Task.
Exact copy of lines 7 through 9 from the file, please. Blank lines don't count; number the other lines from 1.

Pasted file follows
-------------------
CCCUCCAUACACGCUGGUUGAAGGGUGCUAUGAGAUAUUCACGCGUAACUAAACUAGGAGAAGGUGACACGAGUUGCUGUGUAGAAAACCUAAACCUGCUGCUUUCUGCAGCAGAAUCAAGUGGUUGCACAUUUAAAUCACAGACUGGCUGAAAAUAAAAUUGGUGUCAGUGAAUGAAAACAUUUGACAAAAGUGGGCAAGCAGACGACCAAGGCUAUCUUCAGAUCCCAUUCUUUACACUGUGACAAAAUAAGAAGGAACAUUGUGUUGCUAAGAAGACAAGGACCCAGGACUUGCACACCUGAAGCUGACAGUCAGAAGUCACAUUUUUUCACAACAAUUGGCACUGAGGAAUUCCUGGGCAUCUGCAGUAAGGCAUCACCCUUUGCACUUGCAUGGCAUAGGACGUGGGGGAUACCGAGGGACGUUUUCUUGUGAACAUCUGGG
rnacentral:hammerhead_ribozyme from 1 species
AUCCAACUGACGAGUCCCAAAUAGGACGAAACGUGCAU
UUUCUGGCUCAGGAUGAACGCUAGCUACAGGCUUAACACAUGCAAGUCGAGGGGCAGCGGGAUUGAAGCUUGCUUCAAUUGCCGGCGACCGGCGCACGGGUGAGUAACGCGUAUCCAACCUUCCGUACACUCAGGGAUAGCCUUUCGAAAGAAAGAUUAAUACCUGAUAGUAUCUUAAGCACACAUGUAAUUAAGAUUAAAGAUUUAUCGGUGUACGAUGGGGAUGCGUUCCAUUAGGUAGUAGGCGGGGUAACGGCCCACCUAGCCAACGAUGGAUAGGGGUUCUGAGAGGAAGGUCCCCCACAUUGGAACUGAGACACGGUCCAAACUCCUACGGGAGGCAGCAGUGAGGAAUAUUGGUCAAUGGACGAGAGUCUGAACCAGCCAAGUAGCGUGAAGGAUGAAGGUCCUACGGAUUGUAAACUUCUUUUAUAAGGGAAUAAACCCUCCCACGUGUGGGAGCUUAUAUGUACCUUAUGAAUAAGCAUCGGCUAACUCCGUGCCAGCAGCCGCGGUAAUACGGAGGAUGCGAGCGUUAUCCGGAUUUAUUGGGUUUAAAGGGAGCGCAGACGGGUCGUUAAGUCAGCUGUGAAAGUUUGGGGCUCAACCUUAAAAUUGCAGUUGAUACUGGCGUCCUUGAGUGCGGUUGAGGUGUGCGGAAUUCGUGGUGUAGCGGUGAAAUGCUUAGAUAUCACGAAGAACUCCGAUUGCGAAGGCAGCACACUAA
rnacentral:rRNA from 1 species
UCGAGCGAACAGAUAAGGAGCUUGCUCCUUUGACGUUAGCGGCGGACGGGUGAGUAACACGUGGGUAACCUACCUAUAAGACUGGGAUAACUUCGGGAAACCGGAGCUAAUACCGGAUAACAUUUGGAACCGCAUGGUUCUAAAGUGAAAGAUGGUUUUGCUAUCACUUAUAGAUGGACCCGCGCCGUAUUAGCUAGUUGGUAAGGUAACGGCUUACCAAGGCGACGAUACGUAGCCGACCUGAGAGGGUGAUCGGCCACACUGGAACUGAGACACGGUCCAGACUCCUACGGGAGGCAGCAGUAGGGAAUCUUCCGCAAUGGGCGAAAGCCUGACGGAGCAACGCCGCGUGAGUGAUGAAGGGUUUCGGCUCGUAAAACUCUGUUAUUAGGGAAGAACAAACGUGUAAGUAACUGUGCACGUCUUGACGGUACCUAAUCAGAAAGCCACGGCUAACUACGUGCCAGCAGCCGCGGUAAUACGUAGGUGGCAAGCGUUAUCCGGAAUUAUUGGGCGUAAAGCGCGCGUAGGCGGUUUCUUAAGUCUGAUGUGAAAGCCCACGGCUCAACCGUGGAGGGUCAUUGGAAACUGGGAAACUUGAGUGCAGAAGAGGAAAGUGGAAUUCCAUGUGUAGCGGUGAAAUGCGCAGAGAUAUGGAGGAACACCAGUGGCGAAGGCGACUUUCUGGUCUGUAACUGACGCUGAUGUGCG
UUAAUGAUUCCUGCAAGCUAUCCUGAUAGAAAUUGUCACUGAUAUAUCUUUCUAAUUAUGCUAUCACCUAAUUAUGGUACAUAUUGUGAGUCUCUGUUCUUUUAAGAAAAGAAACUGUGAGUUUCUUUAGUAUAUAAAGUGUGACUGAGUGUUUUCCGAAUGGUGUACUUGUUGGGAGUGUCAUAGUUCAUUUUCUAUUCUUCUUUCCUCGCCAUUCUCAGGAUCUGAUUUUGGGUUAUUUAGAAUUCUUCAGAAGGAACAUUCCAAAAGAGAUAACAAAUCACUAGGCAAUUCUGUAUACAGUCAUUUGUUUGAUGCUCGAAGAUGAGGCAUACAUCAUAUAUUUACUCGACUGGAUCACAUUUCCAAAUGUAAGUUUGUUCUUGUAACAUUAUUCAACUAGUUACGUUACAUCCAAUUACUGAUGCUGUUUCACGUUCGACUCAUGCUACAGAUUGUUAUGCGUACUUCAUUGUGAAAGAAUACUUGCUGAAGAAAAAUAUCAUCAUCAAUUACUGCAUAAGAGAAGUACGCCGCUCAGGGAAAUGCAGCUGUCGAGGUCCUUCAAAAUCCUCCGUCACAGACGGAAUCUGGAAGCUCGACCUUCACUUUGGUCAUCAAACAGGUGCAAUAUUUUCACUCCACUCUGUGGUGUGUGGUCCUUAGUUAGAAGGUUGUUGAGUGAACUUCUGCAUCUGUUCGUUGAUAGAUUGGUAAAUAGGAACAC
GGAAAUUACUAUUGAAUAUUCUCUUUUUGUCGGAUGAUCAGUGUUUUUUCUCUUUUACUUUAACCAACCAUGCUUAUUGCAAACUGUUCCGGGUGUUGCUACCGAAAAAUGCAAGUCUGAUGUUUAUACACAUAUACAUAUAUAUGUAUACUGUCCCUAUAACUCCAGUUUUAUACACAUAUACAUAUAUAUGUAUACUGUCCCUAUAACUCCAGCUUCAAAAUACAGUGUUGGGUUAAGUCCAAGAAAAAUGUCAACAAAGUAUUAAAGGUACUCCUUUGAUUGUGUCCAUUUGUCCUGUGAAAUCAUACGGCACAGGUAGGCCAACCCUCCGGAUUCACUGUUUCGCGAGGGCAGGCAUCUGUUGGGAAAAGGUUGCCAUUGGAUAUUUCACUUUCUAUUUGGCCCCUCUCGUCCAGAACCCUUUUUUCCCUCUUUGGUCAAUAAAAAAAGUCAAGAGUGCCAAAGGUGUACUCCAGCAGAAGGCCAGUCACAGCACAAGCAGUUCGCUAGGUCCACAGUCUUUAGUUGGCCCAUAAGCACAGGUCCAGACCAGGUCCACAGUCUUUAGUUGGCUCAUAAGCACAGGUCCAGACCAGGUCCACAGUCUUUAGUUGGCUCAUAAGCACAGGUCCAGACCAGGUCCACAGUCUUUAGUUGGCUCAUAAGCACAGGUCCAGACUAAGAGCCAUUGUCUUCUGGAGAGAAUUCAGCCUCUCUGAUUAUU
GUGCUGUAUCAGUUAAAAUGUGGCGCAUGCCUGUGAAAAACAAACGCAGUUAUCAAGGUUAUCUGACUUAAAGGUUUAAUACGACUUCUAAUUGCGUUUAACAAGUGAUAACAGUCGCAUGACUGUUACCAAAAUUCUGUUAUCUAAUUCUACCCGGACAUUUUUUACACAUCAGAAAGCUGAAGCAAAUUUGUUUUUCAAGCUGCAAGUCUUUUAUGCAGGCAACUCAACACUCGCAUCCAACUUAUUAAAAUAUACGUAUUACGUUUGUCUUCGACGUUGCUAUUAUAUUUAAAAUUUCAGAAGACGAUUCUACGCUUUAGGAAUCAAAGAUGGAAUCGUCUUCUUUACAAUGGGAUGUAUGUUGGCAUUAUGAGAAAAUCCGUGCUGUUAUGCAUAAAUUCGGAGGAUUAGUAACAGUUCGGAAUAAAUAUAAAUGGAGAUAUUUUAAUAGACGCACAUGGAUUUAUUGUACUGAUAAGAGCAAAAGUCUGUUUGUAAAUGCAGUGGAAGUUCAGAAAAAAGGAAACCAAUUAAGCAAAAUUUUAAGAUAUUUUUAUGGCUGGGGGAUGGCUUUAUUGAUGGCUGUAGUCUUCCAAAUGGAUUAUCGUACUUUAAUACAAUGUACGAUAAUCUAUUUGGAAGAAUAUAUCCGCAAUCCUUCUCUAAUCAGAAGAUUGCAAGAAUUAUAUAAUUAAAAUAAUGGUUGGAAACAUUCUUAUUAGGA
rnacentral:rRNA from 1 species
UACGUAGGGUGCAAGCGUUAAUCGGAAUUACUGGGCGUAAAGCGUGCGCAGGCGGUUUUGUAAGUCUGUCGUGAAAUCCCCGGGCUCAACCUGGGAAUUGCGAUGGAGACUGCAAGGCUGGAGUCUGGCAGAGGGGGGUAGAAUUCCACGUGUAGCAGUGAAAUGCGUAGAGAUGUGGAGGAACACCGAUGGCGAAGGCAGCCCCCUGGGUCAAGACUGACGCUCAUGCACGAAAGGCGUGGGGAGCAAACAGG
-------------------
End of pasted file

UUAAUGAUUCCUGCAAGCUAUCCUGAUAGAAAUUGUCACUGAUAUAUCUUUCUAAUUAUGCUAUCACCUAAUUAUGGUACAUAUUGUGAGUCUCUGUUCUUUUAAGAAAAGAAACUGUGAGUUUCUUUAGUAUAUAAAGUGUGACUGAGUGUUUUCCGAAUGGUGUACUUGUUGGGAGUGUCAUAGUUCAUUUUCUAUUCUUCUUUCCUCGCCAUUCUCAGGAUCUGAUUUUGGGUUAUUUAGAAUUCUUCAGAAGGAACAUUCCAAAAGAGAUAACAAAUCACUAGGCAAUUCUGUAUACAGUCAUUUGUUUGAUGCUCGAAGAUGAGGCAUACAUCAUAUAUUUACUCGACUGGAUCACAUUUCCAAAUGUAAGUUUGUUCUUGUAACAUUAUUCAACUAGUUACGUUACAUCCAAUUACUGAUGCUGUUUCACGUUCGACUCAUGCUACAGAUUGUUAUGCGUACUUCAUUGUGAAAGAAUACUUGCUGAAGAAAAAUAUCAUCAUCAAUUACUGCAUAAGAGAAGUACGCCGCUCAGGGAAAUGCAGCUGUCGAGGUCCUUCAAAAUCCUCCGUCACAGACGGAAUCUGGAAGCUCGACCUUCACUUUGGUCAUCAAACAGGUGCAAUAUUUUCACUCCACUCUGUGGUGUGUGGUCCUUAGUUAGAAGGUUGUUGAGUGAACUUCUGCAUCUGUUCGUUGAUAGAUUGGUAAAUAGGAACAC
GGAAAUUACUAUUGAAUAUUCUCUUUUUGUCGGAUGAUCAGUGUUUUUUCUCUUUUACUUUAACCAACCAUGCUUAUUGCAAACUGUUCCGGGUGUUGCUACCGAAAAAUGCAAGUCUGAUGUUUAUACACAUAUACAUAUAUAUGUAUACUGUCCCUAUAACUCCAGUUUUAUACACAUAUACAUAUAUAUGUAUACUGUCCCUAUAACUCCAGCUUCAAAAUACAGUGUUGGGUUAAGUCCAAGAAAAAUGUCAACAAAGUAUUAAAGGUACUCCUUUGAUUGUGUCCAUUUGUCCUGUGAAAUCAUACGGCACAGGUAGGCCAACCCUCCGGAUUCACUGUUUCGCGAGGGCAGGCAUCUGUUGGGAAAAGGUUGCCAUUGGAUAUUUCACUUUCUAUUUGGCCCCUCUCGUCCAGAACCCUUUUUUCCCUCUUUGGUCAAUAAAAAAAGUCAAGAGUGCCAAAGGUGUACUCCAGCAGAAGGCCAGUCACAGCACAAGCAGUUCGCUAGGUCCACAGUCUUUAGUUGGCCCAUAAGCACAGGUCCAGACCAGGUCCACAGUCUUUAGUUGGCUCAUAAGCACAGGUCCAGACCAGGUCCACAGUCUUUAGUUGGCUCAUAAGCACAGGUCCAGACCAGGUCCACAGUCUUUAGUUGGCUCAUAAGCACAGGUCCAGACUAAGAGCCAUUGUCUUCUGGAGAGAAUUCAGCCUCUCUGAUUAUU
GUGCUGUAUCAGUUAAAAUGUGGCGCAUGCCUGUGAAAAACAAACGCAGUUAUCAAGGUUAUCUGACUUAAAGGUUUAAUACGACUUCUAAUUGCGUUUAACAAGUGAUAACAGUCGCAUGACUGUUACCAAAAUUCUGUUAUCUAAUUCUACCCGGACAUUUUUUACACAUCAGAAAGCUGAAGCAAAUUUGUUUUUCAAGCUGCAAGUCUUUUAUGCAGGCAACUCAACACUCGCAUCCAACUUAUUAAAAUAUACGUAUUACGUUUGUCUUCGACGUUGCUAUUAUAUUUAAAAUUUCAGAAGACGAUUCUACGCUUUAGGAAUCAAAGAUGGAAUCGUCUUCUUUACAAUGGGAUGUAUGUUGGCAUUAUGAGAAAAUCCGUGCUGUUAUGCAUAAAUUCGGAGGAUUAGUAACAGUUCGGAAUAAAUAUAAAUGGAGAUAUUUUAAUAGACGCACAUGGAUUUAUUGUACUGAUAAGAGCAAAAGUCUGUUUGUAAAUGCAGUGGAAGUUCAGAAAAAAGGAAACCAAUUAAGCAAAAUUUUAAGAUAUUUUUAUGGCUGGGGGAUGGCUUUAUUGAUGGCUGUAGUCUUCCAAAUGGAUUAUCGUACUUUAAUACAAUGUACGAUAAUCUAUUUGGAAGAAUAUAUCCGCAAUCCUUCUCUAAUCAGAAGAUUGCAAGAAUUAUAUAAUUAAAAUAAUGGUUGGAAACAUUCUUAUUAGGA